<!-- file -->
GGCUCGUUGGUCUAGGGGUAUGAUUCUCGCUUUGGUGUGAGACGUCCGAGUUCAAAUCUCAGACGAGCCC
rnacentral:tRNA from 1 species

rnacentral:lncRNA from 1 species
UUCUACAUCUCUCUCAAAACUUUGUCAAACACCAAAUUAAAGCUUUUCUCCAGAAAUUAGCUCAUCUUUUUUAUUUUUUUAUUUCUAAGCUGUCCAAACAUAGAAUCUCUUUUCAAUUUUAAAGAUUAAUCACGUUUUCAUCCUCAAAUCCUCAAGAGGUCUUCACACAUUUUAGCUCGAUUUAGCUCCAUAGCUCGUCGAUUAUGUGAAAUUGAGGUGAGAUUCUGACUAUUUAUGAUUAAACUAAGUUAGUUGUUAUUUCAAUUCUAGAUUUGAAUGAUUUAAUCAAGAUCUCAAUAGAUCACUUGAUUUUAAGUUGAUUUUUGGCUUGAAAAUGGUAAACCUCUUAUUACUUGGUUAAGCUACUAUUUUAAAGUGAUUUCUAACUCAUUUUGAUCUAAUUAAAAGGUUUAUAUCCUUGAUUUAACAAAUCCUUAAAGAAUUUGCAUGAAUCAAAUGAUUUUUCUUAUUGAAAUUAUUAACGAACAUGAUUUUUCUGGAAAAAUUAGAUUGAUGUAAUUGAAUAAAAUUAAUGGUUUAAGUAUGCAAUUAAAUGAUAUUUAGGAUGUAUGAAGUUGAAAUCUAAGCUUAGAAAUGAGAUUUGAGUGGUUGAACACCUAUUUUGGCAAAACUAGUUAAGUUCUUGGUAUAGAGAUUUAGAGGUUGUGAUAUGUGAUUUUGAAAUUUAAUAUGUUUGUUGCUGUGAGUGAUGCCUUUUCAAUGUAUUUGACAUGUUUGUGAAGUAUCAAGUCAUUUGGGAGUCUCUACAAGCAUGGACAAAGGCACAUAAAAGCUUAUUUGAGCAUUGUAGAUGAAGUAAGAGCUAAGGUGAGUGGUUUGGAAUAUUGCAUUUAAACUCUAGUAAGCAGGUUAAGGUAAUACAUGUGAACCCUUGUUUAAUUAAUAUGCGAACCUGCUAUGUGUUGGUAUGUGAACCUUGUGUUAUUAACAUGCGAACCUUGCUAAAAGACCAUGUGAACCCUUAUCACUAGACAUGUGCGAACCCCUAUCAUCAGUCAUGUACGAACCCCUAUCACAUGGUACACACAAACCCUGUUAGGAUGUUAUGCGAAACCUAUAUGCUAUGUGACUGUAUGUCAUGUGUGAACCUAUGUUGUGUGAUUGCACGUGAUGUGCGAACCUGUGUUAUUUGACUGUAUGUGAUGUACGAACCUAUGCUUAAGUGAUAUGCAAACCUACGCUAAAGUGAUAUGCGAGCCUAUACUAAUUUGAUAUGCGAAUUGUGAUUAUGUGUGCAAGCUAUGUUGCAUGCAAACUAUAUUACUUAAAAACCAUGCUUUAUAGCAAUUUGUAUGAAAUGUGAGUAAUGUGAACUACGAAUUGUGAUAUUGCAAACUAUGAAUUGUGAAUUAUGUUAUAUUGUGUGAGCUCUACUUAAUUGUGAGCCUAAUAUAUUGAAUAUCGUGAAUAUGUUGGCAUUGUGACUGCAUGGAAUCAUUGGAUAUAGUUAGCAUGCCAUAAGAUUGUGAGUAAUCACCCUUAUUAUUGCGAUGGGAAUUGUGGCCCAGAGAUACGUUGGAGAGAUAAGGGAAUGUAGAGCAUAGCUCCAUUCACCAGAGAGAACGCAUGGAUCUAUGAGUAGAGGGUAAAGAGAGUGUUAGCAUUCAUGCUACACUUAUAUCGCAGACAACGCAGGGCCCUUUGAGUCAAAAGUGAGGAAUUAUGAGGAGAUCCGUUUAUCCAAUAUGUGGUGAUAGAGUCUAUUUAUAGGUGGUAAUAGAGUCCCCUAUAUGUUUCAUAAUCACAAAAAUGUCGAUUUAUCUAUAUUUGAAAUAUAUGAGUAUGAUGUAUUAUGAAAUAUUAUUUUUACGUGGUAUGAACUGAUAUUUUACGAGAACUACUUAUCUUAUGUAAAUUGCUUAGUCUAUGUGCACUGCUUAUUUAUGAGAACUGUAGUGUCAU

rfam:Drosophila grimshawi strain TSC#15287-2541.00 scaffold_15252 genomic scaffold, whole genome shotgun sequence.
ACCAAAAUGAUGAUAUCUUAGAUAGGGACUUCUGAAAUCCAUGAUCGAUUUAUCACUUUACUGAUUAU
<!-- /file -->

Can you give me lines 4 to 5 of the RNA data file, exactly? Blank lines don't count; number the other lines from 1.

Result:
UUCUACAUCUCUCUCAAAACUUUGUCAAACACCAAAUUAAAGCUUUUCUCCAGAAAUUAGCUCAUCUUUUUUAUUUUUUUAUUUCUAAGCUGUCCAAACAUAGAAUCUCUUUUCAAUUUUAAAGAUUAAUCACGUUUUCAUCCUCAAAUCCUCAAGAGGUCUUCACACAUUUUAGCUCGAUUUAGCUCCAUAGCUCGUCGAUUAUGUGAAAUUGAGGUGAGAUUCUGACUAUUUAUGAUUAAACUAAGUUAGUUGUUAUUUCAAUUCUAGAUUUGAAUGAUUUAAUCAAGAUCUCAAUAGAUCACUUGAUUUUAAGUUGAUUUUUGGCUUGAAAAUGGUAAACCUCUUAUUACUUGGUUAAGCUACUAUUUUAAAGUGAUUUCUAACUCAUUUUGAUCUAAUUAAAAGGUUUAUAUCCUUGAUUUAACAAAUCCUUAAAGAAUUUGCAUGAAUCAAAUGAUUUUUCUUAUUGAAAUUAUUAACGAACAUGAUUUUUCUGGAAAAAUUAGAUUGAUGUAAUUGAAUAAAAUUAAUGGUUUAAGUAUGCAAUUAAAUGAUAUUUAGGAUGUAUGAAGUUGAAAUCUAAGCUUAGAAAUGAGAUUUGAGUGGUUGAACACCUAUUUUGGCAAAACUAGUUAAGUUCUUGGUAUAGAGAUUUAGAGGUUGUGAUAUGUGAUUUUGAAAUUUAAUAUGUUUGUUGCUGUGAGUGAUGCCUUUUCAAUGUAUUUGACAUGUUUGUGAAGUAUCAAGUCAUUUGGGAGUCUCUACAAGCAUGGACAAAGGCACAUAAAAGCUUAUUUGAGCAUUGUAGAUGAAGUAAGAGCUAAGGUGAGUGGUUUGGAAUAUUGCAUUUAAACUCUAGUAAGCAGGUUAAGGUAAUACAUGUGAACCCUUGUUUAAUUAAUAUGCGAACCUGCUAUGUGUUGGUAUGUGAACCUUGUGUUAUUAACAUGCGAACCUUGCUAAAAGACCAUGUGAACCCUUAUCACUAGACAUGUGCGAACCCCUAUCAUCAGUCAUGUACGAACCCCUAUCACAUGGUACACACAAACCCUGUUAGGAUGUUAUGCGAAACCUAUAUGCUAUGUGACUGUAUGUCAUGUGUGAACCUAUGUUGUGUGAUUGCACGUGAUGUGCGAACCUGUGUUAUUUGACUGUAUGUGAUGUACGAACCUAUGCUUAAGUGAUAUGCAAACCUACGCUAAAGUGAUAUGCGAGCCUAUACUAAUUUGAUAUGCGAAUUGUGAUUAUGUGUGCAAGCUAUGUUGCAUGCAAACUAUAUUACUUAAAAACCAUGCUUUAUAGCAAUUUGUAUGAAAUGUGAGUAAUGUGAACUACGAAUUGUGAUAUUGCAAACUAUGAAUUGUGAAUUAUGUUAUAUUGUGUGAGCUCUACUUAAUUGUGAGCCUAAUAUAUUGAAUAUCGUGAAUAUGUUGGCAUUGUGACUGCAUGGAAUCAUUGGAUAUAGUUAGCAUGCCAUAAGAUUGUGAGUAAUCACCCUUAUUAUUGCGAUGGGAAUUGUGGCCCAGAGAUACGUUGGAGAGAUAAGGGAAUGUAGAGCAUAGCUCCAUUCACCAGAGAGAACGCAUGGAUCUAUGAGUAGAGGGUAAAGAGAGUGUUAGCAUUCAUGCUACACUUAUAUCGCAGACAACGCAGGGCCCUUUGAGUCAAAAGUGAGGAAUUAUGAGGAGAUCCGUUUAUCCAAUAUGUGGUGAUAGAGUCUAUUUAUAGGUGGUAAUAGAGUCCCCUAUAUGUUUCAUAAUCACAAAAAUGUCGAUUUAUCUAUAUUUGAAAUAUAUGAGUAUGAUGUAUUAUGAAAUAUUAUUUUUACGUGGUAUGAACUGAUAUUUUACGAGAACUACUUAUCUUAUGUAAAUUGCUUAGUCUAUGUGCACUGCUUAUUUAUGAGAACUGUAGUGUCAU

rfam:Drosophila grimshawi strain TSC#15287-2541.00 scaffold_15252 genomic scaffold, whole genome shotgun sequence.